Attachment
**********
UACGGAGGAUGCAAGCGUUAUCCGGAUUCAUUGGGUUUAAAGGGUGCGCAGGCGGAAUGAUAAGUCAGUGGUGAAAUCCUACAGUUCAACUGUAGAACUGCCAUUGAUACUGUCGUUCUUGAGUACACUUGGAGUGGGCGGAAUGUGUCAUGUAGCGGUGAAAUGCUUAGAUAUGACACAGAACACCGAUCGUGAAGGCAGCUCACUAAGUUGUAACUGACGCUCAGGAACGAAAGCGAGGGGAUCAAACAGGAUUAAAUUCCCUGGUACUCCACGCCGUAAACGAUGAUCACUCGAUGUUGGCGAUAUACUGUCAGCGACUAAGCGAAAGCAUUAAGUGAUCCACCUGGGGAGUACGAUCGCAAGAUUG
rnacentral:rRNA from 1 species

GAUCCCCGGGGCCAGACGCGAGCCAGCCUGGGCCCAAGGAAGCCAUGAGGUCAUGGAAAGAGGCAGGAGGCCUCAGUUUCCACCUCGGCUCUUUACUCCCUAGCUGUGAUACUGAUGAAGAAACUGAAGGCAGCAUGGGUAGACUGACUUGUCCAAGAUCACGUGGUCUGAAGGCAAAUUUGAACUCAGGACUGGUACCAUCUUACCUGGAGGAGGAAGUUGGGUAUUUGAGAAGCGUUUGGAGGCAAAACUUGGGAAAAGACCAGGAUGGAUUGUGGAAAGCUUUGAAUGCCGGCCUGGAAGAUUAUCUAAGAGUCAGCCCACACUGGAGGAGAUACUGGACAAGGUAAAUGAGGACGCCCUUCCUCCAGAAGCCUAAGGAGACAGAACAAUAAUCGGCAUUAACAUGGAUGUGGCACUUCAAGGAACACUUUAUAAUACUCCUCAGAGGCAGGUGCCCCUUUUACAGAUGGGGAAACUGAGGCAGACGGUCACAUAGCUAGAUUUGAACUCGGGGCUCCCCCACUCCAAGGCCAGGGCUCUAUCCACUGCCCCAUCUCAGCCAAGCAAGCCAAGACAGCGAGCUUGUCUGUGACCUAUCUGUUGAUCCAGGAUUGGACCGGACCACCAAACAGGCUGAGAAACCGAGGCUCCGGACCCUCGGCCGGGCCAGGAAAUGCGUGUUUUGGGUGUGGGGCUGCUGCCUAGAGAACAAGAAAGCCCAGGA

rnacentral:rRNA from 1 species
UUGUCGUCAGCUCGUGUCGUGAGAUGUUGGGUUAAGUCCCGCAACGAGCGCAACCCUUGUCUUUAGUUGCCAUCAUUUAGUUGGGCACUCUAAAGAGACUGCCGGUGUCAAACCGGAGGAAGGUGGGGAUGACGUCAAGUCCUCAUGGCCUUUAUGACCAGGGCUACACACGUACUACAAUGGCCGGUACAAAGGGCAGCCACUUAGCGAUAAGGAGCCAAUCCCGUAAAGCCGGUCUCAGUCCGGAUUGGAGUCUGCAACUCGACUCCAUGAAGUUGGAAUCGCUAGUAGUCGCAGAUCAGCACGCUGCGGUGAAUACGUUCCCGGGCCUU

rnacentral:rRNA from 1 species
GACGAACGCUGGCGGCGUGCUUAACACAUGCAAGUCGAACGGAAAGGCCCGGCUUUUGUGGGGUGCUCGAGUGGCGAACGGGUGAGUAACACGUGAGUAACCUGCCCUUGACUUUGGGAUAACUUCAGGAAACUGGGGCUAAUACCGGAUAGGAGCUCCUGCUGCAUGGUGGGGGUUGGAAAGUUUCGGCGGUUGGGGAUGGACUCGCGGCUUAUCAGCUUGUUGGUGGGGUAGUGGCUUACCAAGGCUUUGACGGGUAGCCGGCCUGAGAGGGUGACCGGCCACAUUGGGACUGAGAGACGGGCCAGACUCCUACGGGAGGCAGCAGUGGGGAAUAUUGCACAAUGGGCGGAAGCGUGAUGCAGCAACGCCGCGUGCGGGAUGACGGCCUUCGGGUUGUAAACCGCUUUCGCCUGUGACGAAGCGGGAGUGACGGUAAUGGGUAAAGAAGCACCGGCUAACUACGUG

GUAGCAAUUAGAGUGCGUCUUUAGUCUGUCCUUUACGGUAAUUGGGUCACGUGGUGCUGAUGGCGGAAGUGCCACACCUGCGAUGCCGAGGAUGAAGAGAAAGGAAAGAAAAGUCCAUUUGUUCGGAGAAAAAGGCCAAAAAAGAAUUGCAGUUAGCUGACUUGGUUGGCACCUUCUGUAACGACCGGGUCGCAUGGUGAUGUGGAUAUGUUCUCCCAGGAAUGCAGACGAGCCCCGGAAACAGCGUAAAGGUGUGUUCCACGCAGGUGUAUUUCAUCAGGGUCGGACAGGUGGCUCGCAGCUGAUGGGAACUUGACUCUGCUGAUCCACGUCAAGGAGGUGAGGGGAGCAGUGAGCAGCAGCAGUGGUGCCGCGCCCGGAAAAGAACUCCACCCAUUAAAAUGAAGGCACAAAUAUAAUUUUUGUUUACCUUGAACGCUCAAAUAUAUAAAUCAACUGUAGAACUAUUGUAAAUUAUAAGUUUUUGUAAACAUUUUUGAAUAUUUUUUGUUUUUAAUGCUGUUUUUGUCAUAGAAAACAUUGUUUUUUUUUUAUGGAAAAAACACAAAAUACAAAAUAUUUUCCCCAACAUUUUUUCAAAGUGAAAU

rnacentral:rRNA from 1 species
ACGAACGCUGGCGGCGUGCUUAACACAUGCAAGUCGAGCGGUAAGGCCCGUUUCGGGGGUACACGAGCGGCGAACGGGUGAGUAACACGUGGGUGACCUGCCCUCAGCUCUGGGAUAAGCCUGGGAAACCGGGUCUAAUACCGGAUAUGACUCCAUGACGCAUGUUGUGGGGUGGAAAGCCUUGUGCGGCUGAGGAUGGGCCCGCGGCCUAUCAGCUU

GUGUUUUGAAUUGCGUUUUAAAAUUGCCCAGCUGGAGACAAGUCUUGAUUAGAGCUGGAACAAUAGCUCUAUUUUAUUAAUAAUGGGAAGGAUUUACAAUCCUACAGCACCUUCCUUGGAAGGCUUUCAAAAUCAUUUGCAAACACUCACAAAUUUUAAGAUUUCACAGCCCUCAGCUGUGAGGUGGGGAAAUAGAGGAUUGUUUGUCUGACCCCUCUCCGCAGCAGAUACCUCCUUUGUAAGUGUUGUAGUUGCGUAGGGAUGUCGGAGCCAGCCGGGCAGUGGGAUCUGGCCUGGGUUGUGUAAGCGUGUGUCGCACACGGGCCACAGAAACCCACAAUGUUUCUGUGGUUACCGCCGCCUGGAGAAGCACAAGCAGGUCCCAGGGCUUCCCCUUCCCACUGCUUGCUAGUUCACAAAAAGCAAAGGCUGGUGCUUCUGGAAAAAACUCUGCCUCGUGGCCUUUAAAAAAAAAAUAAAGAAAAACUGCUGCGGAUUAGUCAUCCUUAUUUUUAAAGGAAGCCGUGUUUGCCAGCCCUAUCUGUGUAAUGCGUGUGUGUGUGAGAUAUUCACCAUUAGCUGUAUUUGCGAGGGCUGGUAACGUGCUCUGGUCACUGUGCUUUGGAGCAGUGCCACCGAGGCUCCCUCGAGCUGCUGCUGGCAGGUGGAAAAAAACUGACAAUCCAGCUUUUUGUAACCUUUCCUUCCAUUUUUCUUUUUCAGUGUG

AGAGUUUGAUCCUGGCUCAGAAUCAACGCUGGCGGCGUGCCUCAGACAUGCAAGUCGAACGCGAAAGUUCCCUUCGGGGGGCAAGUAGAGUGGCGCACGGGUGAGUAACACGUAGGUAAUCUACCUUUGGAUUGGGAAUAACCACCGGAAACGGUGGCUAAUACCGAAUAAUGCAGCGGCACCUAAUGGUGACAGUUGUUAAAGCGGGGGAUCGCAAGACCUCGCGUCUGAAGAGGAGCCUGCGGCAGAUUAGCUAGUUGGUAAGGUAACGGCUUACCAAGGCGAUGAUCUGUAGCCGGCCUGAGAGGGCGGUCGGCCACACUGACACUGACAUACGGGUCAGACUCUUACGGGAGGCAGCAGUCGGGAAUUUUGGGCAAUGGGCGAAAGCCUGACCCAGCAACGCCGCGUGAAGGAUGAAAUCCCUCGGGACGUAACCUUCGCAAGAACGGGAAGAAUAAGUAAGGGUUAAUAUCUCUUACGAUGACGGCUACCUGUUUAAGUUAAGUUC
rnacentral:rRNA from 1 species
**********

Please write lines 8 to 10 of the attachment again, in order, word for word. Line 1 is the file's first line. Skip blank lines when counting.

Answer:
GUAGCAAUUAGAGUGCGUCUUUAGUCUGUCCUUUACGGUAAUUGGGUCACGUGGUGCUGAUGGCGGAAGUGCCACACCUGCGAUGCCGAGGAUGAAGAGAAAGGAAAGAAAAGUCCAUUUGUUCGGAGAAAAAGGCCAAAAAAGAAUUGCAGUUAGCUGACUUGGUUGGCACCUUCUGUAACGACCGGGUCGCAUGGUGAUGUGGAUAUGUUCUCCCAGGAAUGCAGACGAGCCCCGGAAACAGCGUAAAGGUGUGUUCCACGCAGGUGUAUUUCAUCAGGGUCGGACAGGUGGCUCGCAGCUGAUGGGAACUUGACUCUGCUGAUCCACGUCAAGGAGGUGAGGGGAGCAGUGAGCAGCAGCAGUGGUGCCGCGCCCGGAAAAGAACUCCACCCAUUAAAAUGAAGGCACAAAUAUAAUUUUUGUUUACCUUGAACGCUCAAAUAUAUAAAUCAACUGUAGAACUAUUGUAAAUUAUAAGUUUUUGUAAACAUUUUUGAAUAUUUUUUGUUUUUAAUGCUGUUUUUGUCAUAGAAAACAUUGUUUUUUUUUUAUGGAAAAAACACAAAAUACAAAAUAUUUUCCCCAACAUUUUUUCAAAGUGAAAU

rnacentral:rRNA from 1 species
ACGAACGCUGGCGGCGUGCUUAACACAUGCAAGUCGAGCGGUAAGGCCCGUUUCGGGGGUACACGAGCGGCGAACGGGUGAGUAACACGUGGGUGACCUGCCCUCAGCUCUGGGAUAAGCCUGGGAAACCGGGUCUAAUACCGGAUAUGACUCCAUGACGCAUGUUGUGGGGUGGAAAGCCUUGUGCGGCUGAGGAUGGGCCCGCGGCCUAUCAGCUU